Wednesday, October 29, 2008

Cutting Edge Research: Imagery and Playing with Confidence

Michael Emenalo, Chief Scout of Chelsea, stresses the importance of confidence, balance and organization for success on the pitch. Confident players, for the most part, have a better touch on the ball, execute more precise passes and shoot the ball with more accuracy. Confident players are also willing to take calculated chances such as taking a difficult shot, or aggressively pressuring an opponent. On the other hand, less confident players have difficulty with technical execution and tend to play a less aggressive, more conservative style. In many cases it, it the confident player and confident team that wins the match.

So, how does one gain confidence? A new study soon to be released in the Journal of Sports Sciences argues that confidence in youth players might be enhanced by using mental imagery techniques.

Before getting into the details of the study, it is important to describe the different type of confidence as well as different types of imagery. Confidence comes from two sources. First, self-confidence is the athlete’s perception that he/she has the ability to compete at a given level. Second, self-efficacy is the athlete’s perception that he can be successful at a certain task, in a specific situation. For example, to be completely confident, an athlete should be confident that he belongs on the field with the other team and that he has the necessary to compete (self-confidence). He must also be sure that he can beat the opponent in specific situations, such as one-on-one defending, winning 50/50 balls or placing the shot in the corner of the goal (self-efficacy). Research shows that confidence, including both self-confidence and self-efficacy, is one of the most consistent factors shaping successful teams and players. More confidence often translates into better performance.

There are two major types of imagery that can be used. The first has to do with learning skills or strategies. This is referred to as cognitive which involves learning and includes cognitive general (CG) and cognitive specific (CS). CG imaging requires the athlete to image things like successful strategies or game plans. One might imagine how to successfully execute zone defending or a successful overlap. In CS imaging, the player images herself executing a specific skill correctly, perhaps correctly striking a penalty kick.

The second type of imaging is called motivational and includes motivational specific (MS) and motivational general (MG). Both are designed to psych the player up prior to the match. MS involves imaging specific events that will arouse motivation, such as standing on a victory stand or carrying a trophy. MS imagery includes both physiological and emotional arousal. For MG-arousal (MG-A) imagery, the athlete imagines herself responding to the environment such as remaining calm in front of a hostile crowd. MS-mastery (MG-M) is related to confidence and mental toughness. It involves images of the athlete overcoming adversity such as beating an opponent in a certain situation.

The authors of the paper have a long history investigating the use of imagery in sports. In their study, the authors examined 125 male and female soccer players, ages 11-14. Approximately one-third were considered competitive players and the remainder was from a local recreational program. They asked the kids a series of questions related to their level of self-confidence and self-efficacy. They also asked them about imagery. For this, they asked them how often they imagined themselves playing well, if they thought up game strategies in their head, saw themselves receiving a winner’s trophy. Using this information, the authors determined what types of imagery contributed to the various levels of confidence.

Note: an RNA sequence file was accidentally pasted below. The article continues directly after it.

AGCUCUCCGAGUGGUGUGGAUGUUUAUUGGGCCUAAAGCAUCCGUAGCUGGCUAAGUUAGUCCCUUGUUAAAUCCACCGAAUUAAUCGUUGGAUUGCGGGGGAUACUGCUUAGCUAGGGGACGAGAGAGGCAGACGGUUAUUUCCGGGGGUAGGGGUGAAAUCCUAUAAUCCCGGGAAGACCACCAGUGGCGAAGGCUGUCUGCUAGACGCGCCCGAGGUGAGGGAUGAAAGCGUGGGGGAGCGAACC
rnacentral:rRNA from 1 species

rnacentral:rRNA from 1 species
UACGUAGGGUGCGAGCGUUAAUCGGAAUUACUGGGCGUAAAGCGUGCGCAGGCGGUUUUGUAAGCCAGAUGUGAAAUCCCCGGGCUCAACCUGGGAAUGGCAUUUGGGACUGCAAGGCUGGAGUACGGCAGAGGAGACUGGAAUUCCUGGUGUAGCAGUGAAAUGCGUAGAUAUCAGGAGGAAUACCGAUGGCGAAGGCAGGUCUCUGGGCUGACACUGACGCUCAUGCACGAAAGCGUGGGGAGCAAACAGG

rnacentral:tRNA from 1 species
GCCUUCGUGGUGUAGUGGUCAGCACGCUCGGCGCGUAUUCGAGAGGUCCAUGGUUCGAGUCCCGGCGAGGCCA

There were no differences between the competitive and recreational players or between the male a female players in terms of the types of imagery used or their levels of confidence. Players used the MG-M form of imagery more often and this strategy was most closely associated with both self-confidence and self-efficacy. The other forms of imagery were seen as important but were not nearly as closely associated with confidence. Thus, the MG-M form of imagery seems to be a significant predictor of self-confidence and self-efficacy.

Previous studies document that many adult athletes use MG-M imagery prior to competition to reduce anxiety and gain confidence. They often rehearse images of themselves overcoming adversity, specifically overcoming an opponent. Other forms of imagery are used but MG-M is the most prevalent in terms of building confidence. The idea is that by imagining yourself in a difficult situation, remaining mentally tough, in control and overcoming the opponent builds confidence, and, as a result, improves performance on the field. In a small group of adult badminton players, it was found that an intervention program of MG-M imagery increased athlete confidence. Thus, it seems that using imagery to increase mental toughness and overcome adversity may boost confidence and improve play on the field. It is important to note, however, that more research is needed to fully clarify this issue, particularly in youth players.

Overall, this study links one form of imagery, MG-M to both self-confidence and self-efficacy in a group of youth soccer players. More confident players use this type of imagery. Despite a lack of research into modifying the way in which players image themselves, it does seem reasonable to encourage young players to routinely think of themselves overcoming difficult match situations.


Munroe-Chandler K, Hall C, Fishburne G (2008) Playing with confidence: The relationship between imagery use and self-confidence in youth soccer players. Journal of Sports Sciences, DOI: 10.1080/02640410802315419 (in press)